zig
0

Notifications

  • You're all caught up!

Can You Switch Boxing Stances in the Ring?

by
author image Steven Kelliher
Steven Kelliher is an experienced sports writer, technical writer, proofreader and editor based out of the Greater Boston Area. His main area of expertise is in combat sports, as he is a lifelong competitor and active voice in the industry. His interviews with some of the sport's biggest names have appeared on large industry sites such as ESPN.com, as well as his own personal blog.
Can You Switch Boxing Stances in the Ring?
A boxer in training. Photo Credit Antonio_Diaz/iStock/Getty Images

Traditionally, boxing trainers have told their students not to switch stances against an uncooperative opponent. It's not a question of can you do it, but should you. After all, this isn't dancing or gymnastics; no boxing judge will ever downgrade you because you didn't maintain a style. But switching stances is a high-risk, high-reward move; it can throw off your opponent and make you highly vulnerable.

Footwork

Fighters are constantly on the move, stepping forward, backward and side-to-side, but they never cross their feet. Crossing your feet puts you off balance, making you susceptible to your opponent's attacks and sapping power from your own punches. To switch stances, you need to cross your feet momentarily. Most boxers will launch a round of jabs to cover the move.

Advantages

Most boxers are right-handed, which means they're used to competing against right-handed fighters. Switching from orthodox to southpaw stances can open your opponent up to more attacks, since they'll be coming in from different angles. Boxing great Marvin Hagler started his career as an orthodox fighter, but switched to southpaw to get his power right hand closer to his opponents' chin.

Disadvantages

There's a reason most boxers and boxing trainers maintain one stance: it's difficult to do both. Fighting with your dominant hand in back gives you a powerful right cross and a sturdy defense against power punches. Switching stances puts your dominant hand in front, weakening your defensive abilities and taking some sting out of your rear-hand punch. If you're not comfortable fighting from both, you're more likely to make errors in footing and positioning.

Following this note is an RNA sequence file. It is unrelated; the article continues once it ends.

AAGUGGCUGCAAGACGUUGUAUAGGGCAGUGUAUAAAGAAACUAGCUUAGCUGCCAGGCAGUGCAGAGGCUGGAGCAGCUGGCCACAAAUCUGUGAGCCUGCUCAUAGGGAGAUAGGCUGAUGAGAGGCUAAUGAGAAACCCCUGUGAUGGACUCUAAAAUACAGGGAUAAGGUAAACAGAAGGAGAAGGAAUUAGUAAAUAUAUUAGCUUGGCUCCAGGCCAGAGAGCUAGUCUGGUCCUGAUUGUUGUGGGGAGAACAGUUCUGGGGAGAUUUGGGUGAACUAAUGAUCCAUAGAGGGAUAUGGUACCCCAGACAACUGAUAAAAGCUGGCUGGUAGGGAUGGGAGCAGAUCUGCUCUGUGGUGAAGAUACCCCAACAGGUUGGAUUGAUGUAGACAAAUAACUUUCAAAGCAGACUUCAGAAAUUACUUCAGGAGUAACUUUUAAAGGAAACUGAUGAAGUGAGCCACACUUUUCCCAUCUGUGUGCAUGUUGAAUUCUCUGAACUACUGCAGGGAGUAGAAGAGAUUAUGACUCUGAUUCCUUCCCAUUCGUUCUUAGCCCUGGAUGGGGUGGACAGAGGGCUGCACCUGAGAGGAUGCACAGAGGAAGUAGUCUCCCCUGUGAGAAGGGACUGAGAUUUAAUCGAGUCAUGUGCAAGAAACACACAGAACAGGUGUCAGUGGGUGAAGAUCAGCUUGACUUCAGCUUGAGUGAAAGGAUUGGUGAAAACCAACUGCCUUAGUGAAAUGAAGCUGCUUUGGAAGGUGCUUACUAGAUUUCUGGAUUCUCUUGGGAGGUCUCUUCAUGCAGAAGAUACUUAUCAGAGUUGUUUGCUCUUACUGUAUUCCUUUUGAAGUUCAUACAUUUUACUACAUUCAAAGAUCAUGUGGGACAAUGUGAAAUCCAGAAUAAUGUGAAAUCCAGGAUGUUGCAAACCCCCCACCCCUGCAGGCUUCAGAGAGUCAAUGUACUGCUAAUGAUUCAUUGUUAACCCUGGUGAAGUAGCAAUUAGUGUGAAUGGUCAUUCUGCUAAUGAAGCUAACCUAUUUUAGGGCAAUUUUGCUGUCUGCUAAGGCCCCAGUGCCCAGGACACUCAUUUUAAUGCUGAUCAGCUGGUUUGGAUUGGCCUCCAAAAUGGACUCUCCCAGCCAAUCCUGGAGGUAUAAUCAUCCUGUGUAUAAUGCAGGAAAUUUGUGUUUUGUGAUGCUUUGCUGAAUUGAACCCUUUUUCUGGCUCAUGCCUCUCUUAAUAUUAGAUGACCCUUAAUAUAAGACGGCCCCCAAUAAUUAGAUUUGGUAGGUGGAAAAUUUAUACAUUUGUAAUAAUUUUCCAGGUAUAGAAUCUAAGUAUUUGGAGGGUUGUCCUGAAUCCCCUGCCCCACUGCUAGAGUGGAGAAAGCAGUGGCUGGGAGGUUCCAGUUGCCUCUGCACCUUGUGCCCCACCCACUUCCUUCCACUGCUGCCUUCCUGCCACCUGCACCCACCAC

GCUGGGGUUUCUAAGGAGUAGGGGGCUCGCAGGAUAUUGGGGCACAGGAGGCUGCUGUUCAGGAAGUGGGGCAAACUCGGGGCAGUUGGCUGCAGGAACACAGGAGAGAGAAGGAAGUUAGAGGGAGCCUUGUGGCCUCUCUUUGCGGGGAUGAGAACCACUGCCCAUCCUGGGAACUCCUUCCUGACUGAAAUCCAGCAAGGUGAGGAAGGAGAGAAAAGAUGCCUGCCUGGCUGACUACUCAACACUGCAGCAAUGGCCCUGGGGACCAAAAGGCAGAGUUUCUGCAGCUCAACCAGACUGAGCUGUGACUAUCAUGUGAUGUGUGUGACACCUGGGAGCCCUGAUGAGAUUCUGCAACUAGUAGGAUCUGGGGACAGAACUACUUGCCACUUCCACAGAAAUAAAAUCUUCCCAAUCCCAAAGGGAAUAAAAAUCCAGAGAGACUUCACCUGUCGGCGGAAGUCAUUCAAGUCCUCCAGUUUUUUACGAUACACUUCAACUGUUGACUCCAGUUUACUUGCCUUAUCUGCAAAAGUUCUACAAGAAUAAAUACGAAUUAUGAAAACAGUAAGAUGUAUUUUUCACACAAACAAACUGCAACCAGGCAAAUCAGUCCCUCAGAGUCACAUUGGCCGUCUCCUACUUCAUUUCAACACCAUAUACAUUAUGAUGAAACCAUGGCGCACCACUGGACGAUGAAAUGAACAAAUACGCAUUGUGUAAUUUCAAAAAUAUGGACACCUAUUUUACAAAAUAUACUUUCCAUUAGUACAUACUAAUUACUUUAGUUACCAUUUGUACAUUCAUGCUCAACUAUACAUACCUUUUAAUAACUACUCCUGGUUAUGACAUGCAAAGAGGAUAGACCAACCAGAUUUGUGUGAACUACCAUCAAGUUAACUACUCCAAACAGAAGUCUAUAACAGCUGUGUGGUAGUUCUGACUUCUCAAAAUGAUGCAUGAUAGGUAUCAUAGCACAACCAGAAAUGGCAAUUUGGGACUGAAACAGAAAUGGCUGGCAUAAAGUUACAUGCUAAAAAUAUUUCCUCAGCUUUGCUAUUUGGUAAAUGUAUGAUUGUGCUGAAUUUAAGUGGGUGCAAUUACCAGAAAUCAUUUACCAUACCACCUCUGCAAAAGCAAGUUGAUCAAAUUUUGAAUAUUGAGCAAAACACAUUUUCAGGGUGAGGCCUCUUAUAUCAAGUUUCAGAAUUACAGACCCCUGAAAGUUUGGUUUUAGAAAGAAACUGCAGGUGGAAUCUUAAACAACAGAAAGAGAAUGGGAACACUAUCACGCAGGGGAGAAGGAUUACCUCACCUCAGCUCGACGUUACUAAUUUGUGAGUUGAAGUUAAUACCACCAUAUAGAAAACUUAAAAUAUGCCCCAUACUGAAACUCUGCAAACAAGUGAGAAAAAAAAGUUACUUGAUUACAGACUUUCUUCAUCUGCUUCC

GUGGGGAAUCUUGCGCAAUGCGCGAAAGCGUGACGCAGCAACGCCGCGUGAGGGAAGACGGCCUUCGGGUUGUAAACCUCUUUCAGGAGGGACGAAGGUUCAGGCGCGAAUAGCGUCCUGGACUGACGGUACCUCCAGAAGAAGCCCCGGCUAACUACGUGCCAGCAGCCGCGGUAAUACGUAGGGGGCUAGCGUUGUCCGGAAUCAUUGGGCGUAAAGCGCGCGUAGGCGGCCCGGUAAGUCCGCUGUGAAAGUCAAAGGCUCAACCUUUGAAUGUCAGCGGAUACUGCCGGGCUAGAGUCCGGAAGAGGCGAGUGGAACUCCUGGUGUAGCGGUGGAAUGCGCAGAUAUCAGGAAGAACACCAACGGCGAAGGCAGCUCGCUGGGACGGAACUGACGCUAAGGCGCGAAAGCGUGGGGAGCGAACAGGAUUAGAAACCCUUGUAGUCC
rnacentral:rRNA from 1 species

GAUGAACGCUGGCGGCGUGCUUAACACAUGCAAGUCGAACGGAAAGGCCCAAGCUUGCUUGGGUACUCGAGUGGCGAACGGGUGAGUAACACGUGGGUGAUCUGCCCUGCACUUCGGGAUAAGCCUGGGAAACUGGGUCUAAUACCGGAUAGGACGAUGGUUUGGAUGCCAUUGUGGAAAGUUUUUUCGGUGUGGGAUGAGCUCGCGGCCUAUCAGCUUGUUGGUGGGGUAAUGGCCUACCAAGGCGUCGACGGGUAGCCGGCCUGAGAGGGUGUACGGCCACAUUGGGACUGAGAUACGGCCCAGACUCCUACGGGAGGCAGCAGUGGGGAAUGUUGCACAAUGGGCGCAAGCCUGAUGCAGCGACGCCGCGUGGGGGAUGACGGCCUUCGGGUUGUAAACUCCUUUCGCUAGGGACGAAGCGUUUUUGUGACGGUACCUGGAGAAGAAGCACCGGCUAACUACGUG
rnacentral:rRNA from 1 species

The Professionals

Most boxers might refuse to switch stances, but there are always exceptions. Unorthodox right-handed boxer Roy Jones Jr. often switched stances to confuse opponents, while left-hander Oscar De La Hoya fought from an orthodox stance, similar to Hagler. Pound-for-pound great Manny Pacquiao traditionally fought out of a southpaw stance, but trained extensively in the orthodox stance to develop his left hand. Erik Morales switched from orthodox to southpaw in the last two rounds of a March 2005 meeting with Pacquiao. He won, but most pundits saw it as a foolish move designed to make the bout more exciting.

LiveStrong Calorie Tracker
Lose Weight. Feel Great Change your life with MyPlate by LIVESTRONG.COM
GOAL
  • Gain 2 pounds per week
  • Gain 1.5 pounds per week
  • Gain 1 pound per week
  • Gain 0.5 pound per week
  • Maintain my current weight
  • Lose 0.5 pound per week
  • Lose 1 pound per week
  • Lose 1.5 pounds per week
  • Lose 2 pounds per week
GENDER
  • Female
  • Male
lbs.
ft. in.

YOU MIGHT ALSO LIKE

CURRENTLY TRENDING

Demand Media

Our Privacy Policy has been updated. Please take a moment and read it here.